UBC Theses and Dissertations
Revenue as a measure for expenditure : Ming state finance before the age of silver Grass, Noa
This dissertation explores fiscal policy during the first half of the Ming dynasty. Assuming a constant state of financial crisis caused by an ideological refusal and institutional inability to increase revenue, it identifies aspects of financial administration that contributed to the durability and resilience of the state. It first analyzes the principles of early Ming financial administration as reflected in the founding administrative text, Zhu si zhi zhang. The chapter devoted to the Ministry of Revenue focuses on the management of local resources through the timely and accurate flow of funds and information throughout the realm and along the administrative hierarchy. Based on evidence of standardized annual revenue reports, this dissertation argues that those principles were applied with relative success throughout most of the fifteenth century. Next, it identifies the practice of commutation in tax collection and official payments as the main fiscal policy that enabled the Ming to abide by its principle of keeping expenditure low while avoiding financial default. Commutation served as a partial tax remission that enabled taxpayers to convert the grain they owed to a money or commodity at a favourable rate. It also alleviated the physical and financial burden of transportation. But as the state came to depend on fixed silver payments, financial administration transformed from a system that was focused on managing local resources to one that was geared to maximizing revenue in the political centre. Finally, payments to officials, soldiers, and princes were affected by commutation. Despite their different social status, these groups were all treated as servants of the state and were managed according to the fiscal principle of measuring expenditure according to revenue. Throughout the fifteenth century payments were partially commuted to scrip and as a result salaries and stipends were greatly diminished. Nevertheless, particular policies and practices maintained a minimal degree of remuneration. And strategies employed by members of these groups in order to better their material condition illuminate the relationship between the state and its servants, as well as their place in local society.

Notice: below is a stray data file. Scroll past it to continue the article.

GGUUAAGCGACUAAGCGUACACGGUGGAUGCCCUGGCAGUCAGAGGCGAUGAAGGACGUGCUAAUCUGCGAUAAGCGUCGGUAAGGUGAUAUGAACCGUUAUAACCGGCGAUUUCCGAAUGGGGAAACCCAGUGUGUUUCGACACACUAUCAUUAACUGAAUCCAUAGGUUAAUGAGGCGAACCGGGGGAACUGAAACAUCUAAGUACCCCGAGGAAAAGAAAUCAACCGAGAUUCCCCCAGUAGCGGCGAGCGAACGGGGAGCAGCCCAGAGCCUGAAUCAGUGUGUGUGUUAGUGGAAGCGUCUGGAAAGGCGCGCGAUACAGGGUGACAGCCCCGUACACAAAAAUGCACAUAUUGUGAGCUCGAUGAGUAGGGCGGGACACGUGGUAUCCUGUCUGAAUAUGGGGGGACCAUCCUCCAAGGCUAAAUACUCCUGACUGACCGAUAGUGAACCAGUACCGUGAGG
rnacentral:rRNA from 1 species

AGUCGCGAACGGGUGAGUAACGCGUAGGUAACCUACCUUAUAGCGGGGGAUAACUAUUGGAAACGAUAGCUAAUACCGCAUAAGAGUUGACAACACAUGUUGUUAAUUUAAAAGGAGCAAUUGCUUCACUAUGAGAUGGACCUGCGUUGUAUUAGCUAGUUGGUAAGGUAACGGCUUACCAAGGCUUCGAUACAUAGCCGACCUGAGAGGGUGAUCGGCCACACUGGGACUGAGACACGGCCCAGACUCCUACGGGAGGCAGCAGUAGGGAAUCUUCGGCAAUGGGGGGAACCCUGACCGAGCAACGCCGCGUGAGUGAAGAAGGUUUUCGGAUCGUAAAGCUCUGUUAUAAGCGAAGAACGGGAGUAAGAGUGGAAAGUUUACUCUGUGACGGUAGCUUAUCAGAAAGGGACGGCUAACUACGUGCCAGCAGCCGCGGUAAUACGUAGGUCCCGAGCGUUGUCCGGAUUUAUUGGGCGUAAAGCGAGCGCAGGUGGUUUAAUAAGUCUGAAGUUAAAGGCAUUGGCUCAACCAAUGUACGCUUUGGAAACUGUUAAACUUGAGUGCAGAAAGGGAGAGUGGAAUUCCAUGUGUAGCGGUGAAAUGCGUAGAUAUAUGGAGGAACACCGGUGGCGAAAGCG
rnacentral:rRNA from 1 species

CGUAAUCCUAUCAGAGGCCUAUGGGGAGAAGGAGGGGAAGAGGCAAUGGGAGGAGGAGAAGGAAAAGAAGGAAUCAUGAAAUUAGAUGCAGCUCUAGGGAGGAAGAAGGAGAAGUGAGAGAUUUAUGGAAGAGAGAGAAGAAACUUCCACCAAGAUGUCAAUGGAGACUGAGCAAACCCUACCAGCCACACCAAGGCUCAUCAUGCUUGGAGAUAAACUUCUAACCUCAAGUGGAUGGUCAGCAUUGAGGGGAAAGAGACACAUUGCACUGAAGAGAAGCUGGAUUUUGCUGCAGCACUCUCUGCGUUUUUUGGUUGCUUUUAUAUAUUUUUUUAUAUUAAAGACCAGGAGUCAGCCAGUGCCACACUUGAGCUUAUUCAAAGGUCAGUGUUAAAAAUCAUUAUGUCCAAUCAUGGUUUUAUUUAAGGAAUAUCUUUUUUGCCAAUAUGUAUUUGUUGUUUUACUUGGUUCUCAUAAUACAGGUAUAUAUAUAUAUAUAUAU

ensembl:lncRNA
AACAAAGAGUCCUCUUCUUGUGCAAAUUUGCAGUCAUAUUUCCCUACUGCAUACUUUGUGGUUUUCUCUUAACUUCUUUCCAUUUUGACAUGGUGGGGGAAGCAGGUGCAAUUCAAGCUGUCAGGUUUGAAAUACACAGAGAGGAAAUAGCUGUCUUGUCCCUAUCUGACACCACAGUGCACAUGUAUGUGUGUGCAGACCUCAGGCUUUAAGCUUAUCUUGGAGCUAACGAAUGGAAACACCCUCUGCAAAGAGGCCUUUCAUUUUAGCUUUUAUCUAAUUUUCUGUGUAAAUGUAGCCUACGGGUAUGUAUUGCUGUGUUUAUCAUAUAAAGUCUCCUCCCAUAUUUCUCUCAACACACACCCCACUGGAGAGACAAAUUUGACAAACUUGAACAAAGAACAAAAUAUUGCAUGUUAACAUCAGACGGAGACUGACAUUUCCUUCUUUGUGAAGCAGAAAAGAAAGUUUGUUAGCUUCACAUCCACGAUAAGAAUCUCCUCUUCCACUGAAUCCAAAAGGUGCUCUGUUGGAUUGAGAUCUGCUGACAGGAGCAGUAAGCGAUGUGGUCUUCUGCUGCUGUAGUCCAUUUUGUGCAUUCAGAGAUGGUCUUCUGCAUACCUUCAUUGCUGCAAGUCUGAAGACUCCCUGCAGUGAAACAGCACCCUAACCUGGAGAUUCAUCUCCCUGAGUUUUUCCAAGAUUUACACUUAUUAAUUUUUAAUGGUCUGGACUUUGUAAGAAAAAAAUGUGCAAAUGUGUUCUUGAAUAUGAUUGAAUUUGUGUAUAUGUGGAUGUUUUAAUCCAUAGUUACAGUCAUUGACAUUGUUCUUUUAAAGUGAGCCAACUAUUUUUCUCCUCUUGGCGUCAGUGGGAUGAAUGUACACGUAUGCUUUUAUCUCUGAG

Item Citations and Data
Attribution-NonCommercial-NoDerivs 2.5 Canada